Potato Prices as Affected by Demand and Yearly Production
American Journal of Potato Research
With increased potato production in the past decade, actual price for potatoes given to growers has changed little, which means that inflation-adjusted price has decreased. Since production is the result of acres harvested and yield per acre, these two parameters to price are key to understanding price fluctuation. To quantify the relation between potato price and production, acreage and yield, NASS data from 1980 to 2002 were analyzed using linear regressions. Pricing and production showed an inverse, linear relationship, which is divided into two periods. Between 1980 and 1988, the price of potatoes (US$/cwt1) increased by $ 1.00 with a decrease in production of 15.6 million cwt, and between 1993 and 2002 with a decrease in production of 35.7 million cwt. Prices have become less responsive to changes in production. Harvested acres account for about onethird of the annual variation in prices, while yield per acre accounts for about one-half of the variability in prices. It appears that there was an increase in demand for potatoes from 1989 to 1992 that divides the two periods. There also was an increase in the percentage of the crop being used in the frozen and fry market, and a decrease in the percentage of the crop being used in the table or fresh market during this time period. This market change could explain the difference between 1980-1988 and 1993-2002 relationships.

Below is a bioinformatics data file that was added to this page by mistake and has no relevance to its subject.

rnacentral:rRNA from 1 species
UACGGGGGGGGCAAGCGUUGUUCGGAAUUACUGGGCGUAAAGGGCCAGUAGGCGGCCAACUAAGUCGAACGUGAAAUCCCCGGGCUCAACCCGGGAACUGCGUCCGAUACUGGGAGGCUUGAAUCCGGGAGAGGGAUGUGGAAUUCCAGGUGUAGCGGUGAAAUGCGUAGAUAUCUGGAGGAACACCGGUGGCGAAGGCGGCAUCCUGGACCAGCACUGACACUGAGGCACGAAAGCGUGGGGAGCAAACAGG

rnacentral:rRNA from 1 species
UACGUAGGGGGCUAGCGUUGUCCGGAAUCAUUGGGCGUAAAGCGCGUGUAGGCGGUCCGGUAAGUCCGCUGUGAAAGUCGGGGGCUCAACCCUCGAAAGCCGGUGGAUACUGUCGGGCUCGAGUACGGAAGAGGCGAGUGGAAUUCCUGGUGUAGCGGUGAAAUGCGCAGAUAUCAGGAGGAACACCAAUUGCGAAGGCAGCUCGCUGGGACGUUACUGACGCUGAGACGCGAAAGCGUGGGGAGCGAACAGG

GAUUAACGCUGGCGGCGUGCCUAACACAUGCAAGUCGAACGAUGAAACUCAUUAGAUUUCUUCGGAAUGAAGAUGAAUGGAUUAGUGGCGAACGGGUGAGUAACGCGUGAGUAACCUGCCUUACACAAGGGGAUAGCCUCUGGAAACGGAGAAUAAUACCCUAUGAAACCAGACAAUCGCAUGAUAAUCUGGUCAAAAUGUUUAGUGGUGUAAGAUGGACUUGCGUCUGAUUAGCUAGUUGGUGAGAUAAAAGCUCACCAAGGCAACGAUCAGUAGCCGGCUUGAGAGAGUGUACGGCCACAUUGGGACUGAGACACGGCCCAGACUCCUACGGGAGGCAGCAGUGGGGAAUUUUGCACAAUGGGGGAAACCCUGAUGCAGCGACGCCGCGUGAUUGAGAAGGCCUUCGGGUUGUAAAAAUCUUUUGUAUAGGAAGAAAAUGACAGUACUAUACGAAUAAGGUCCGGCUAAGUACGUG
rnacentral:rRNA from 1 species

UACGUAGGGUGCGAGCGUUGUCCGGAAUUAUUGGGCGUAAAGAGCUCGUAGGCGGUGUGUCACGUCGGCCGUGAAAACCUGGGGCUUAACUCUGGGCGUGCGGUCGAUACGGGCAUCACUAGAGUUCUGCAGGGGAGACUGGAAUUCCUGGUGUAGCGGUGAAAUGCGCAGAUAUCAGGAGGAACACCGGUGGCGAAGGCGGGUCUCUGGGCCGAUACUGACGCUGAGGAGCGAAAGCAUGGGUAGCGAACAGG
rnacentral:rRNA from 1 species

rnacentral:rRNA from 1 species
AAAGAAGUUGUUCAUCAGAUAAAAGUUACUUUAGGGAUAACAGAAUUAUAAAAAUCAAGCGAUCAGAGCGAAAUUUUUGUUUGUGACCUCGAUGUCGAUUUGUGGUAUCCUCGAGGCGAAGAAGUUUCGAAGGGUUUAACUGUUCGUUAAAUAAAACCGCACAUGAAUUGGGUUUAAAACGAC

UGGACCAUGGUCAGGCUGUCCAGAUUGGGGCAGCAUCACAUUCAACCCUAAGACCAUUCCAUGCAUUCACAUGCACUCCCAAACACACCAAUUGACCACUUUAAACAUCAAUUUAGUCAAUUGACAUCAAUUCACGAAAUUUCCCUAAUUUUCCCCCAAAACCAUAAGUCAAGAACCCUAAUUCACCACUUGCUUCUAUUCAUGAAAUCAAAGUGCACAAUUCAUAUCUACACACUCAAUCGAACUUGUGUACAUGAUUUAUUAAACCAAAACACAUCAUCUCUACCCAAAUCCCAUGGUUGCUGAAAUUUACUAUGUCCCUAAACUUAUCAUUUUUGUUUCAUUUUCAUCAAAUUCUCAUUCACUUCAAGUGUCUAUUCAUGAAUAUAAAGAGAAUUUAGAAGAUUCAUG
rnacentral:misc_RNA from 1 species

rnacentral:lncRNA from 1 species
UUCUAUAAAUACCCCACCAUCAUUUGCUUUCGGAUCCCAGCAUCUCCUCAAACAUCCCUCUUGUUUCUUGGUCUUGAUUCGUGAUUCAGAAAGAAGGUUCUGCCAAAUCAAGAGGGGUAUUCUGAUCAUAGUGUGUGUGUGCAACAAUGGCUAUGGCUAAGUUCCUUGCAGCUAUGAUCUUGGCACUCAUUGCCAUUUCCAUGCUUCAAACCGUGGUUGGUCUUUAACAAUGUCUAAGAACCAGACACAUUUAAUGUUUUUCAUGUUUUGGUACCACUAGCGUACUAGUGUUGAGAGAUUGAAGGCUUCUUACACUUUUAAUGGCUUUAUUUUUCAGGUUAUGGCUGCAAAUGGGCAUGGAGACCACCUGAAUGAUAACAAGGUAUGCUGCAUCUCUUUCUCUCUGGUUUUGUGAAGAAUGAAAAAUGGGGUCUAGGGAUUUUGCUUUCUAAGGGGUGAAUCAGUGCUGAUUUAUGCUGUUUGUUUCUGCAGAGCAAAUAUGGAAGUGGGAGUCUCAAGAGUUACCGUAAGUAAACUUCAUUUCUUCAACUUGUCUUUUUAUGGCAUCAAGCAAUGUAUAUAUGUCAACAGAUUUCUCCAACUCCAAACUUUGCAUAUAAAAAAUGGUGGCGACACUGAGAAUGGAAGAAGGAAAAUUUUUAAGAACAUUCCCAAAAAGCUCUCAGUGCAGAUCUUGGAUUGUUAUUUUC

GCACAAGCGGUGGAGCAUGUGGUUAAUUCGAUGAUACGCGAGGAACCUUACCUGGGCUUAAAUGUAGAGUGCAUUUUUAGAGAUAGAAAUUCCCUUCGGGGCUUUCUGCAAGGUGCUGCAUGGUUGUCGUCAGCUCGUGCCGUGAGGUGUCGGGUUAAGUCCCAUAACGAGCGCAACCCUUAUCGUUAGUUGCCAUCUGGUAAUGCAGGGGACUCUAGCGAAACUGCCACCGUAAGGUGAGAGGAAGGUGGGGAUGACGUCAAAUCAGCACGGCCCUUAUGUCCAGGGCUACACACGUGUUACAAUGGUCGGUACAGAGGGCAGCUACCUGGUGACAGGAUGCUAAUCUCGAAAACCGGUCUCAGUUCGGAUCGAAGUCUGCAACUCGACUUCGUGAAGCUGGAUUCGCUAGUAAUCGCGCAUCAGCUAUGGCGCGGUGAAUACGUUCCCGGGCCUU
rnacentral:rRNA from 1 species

Pavlista, A.D. and D.M. Feuz. 2005. "Potato Prices as Affected by Demand and Yearly Production" American Journal of Potato Research 82:339-343. University of Nebraska Cooperative Extension Division, Journal Series #1026.